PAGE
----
The responsibility of doctors for errors and omissions in various historical periods was different and depended on social justice, religious beliefs, moral and ethical standards and the level of development of medical science.
In ancient times healing was equated to the action of supernatural power. There was the absolute responsibility on the healer for the patient’s death. The code of laws of the Babylonian king Hammurabi (1792-1750 BC) indicated various measures of responsibilities the doctors took. For example, when a slaveholder was harmed by the doctor, the healer’s hand was cut off (sometimes a healer was even deprived of life); a failed treatment of a medical servant was obliged to compensate the owner of its value or to give another slave. In Egypt, doctors should have been conducting their business strictly in accordance of the notes and regulations of the Holy Book. If the doctor treated a patient in full accordance with this set of rules, he was free from liability, even in the case of death of the patient.
Rome Law was punishing doctors for blunders. The concept of ‘medical error in Roman law included inexperience, carelessness and lack of medical care. However, Roman law considered the possibility of death of the patient as a result of severe disease. For killing people, selling of poisonous concentrations to poison people, for an abortion and castration doctors were punished in the same way as any other citizens. Differentiation of intent and errors were gradually reflected in the legislation of all the European countries, although the legal responsibility of doctors in different states dared differently.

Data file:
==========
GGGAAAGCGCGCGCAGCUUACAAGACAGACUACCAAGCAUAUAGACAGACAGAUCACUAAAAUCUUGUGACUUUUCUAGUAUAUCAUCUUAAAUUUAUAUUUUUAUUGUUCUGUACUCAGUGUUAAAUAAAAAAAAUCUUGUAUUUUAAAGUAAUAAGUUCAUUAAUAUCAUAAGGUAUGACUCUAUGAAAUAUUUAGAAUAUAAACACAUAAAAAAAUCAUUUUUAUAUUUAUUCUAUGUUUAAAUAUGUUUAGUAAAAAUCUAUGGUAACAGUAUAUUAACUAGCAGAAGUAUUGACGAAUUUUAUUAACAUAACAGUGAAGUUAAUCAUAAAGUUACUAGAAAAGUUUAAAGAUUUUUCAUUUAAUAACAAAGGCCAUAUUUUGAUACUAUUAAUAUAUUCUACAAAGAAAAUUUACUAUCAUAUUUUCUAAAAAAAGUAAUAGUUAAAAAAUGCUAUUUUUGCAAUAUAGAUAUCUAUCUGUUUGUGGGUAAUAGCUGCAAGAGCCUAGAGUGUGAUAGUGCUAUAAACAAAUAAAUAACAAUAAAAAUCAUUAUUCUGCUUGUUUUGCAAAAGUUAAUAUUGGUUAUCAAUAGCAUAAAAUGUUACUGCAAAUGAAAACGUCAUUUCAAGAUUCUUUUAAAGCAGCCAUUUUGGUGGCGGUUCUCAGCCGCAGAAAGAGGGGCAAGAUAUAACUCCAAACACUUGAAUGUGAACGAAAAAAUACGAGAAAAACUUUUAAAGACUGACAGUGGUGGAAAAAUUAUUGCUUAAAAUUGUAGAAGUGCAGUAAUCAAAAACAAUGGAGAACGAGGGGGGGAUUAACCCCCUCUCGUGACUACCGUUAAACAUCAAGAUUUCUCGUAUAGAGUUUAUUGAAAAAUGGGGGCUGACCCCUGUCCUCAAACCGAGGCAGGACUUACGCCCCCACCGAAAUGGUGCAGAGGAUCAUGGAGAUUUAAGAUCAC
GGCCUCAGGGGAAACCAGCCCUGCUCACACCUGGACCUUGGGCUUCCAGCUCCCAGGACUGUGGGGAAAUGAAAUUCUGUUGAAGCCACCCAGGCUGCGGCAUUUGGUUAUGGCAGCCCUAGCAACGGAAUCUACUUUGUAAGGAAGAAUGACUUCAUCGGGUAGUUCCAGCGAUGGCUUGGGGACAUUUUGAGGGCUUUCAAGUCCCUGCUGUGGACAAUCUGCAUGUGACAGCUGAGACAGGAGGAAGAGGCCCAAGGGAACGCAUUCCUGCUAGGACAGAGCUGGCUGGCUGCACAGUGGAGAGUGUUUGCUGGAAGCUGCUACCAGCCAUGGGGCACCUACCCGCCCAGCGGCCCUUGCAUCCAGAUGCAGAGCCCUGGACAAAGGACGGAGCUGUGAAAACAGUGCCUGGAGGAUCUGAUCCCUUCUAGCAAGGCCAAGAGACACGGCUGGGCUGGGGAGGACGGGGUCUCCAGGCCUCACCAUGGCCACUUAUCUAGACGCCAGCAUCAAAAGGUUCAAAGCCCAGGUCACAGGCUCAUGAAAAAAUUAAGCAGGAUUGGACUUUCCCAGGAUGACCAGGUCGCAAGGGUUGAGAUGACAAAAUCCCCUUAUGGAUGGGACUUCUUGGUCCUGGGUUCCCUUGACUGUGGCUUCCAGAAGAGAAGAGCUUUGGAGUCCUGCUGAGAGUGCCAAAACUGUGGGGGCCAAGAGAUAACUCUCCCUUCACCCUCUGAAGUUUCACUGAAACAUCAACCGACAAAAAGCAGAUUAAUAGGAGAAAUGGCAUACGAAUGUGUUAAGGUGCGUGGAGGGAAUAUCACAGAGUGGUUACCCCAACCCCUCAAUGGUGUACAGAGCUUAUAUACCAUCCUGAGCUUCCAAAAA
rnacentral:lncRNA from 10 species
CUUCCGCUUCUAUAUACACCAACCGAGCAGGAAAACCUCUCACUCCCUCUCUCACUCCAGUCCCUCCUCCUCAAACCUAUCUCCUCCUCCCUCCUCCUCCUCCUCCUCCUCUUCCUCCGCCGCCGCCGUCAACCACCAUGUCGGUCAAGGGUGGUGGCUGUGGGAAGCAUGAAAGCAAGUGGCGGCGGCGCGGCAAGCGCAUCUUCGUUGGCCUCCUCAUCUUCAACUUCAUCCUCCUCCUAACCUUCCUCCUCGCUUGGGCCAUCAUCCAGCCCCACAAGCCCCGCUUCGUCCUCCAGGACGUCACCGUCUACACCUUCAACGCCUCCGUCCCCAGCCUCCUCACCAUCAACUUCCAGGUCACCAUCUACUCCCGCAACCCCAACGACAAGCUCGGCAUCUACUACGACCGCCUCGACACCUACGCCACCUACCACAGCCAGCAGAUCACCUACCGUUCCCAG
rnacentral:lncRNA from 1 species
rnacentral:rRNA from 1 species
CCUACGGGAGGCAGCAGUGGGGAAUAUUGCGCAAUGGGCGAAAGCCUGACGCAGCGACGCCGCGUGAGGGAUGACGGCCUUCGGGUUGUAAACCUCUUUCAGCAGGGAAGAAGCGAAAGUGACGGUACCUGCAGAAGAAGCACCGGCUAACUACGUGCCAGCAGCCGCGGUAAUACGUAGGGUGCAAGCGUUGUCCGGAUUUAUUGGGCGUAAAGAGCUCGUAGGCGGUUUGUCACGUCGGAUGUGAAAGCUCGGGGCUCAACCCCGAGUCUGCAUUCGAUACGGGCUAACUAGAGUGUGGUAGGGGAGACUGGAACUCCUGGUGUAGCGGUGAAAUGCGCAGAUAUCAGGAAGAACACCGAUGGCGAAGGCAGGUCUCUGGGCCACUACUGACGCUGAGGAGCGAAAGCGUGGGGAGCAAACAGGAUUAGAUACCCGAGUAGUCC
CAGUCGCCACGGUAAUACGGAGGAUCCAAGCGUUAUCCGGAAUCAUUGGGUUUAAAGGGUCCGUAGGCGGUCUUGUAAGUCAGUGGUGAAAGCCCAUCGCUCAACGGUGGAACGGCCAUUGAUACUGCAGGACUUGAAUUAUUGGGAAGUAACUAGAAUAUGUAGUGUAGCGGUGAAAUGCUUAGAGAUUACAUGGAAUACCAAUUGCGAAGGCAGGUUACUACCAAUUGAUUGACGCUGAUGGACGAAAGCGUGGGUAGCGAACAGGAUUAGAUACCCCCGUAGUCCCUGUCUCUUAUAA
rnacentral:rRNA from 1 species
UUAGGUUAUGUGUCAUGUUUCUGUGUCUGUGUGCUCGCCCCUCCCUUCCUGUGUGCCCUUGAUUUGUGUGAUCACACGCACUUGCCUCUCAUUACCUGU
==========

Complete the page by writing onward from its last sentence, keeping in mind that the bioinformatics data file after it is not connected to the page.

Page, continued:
In ancient Greece, the medical art was appreciated, and the doctor’s credibility was high. Slaveholders and rich merchants received the necessary services from itinerant physicians. The slaves and the poor were actually deprived of medical care. The doctor was freed from the punishment, if the patient died through no fault of the doctor.
Nowadays, despite the fact that the concepts of medical errors and negligence are quite blurred from a legal standpoint, the state of affairs has changed. Yes, the UK budget spendings on cases associated with clinical negligence account for £780ml. annually, and according to solicitors.guru, a prominent legal startup, running a comprehensive database of medical negligence solicitors, the number of clinical negligence cases is slowly increasing, the draconian measures are not there.
Currently, there are two main error groups:
- Medical error – an accident in which a doctor violates the rules of science or medical practices in such circumstances that he could not and should not have foreseen the consequences of his actions. This error could be due to lack of facilities and equipment, the difficult situation in which the acting physician finds himself, and other circumstances, lying outside the doctor’s will.
- Negligence error – careless healing, when the doctor did not foresee the dangerous outcome, though, he should have known of harmful effects, as a result of violation of rules or methods of medical science. In this case a doctor could have foreseen the problem, but he thoughtlessly hoped to prevent the consequences of his actions.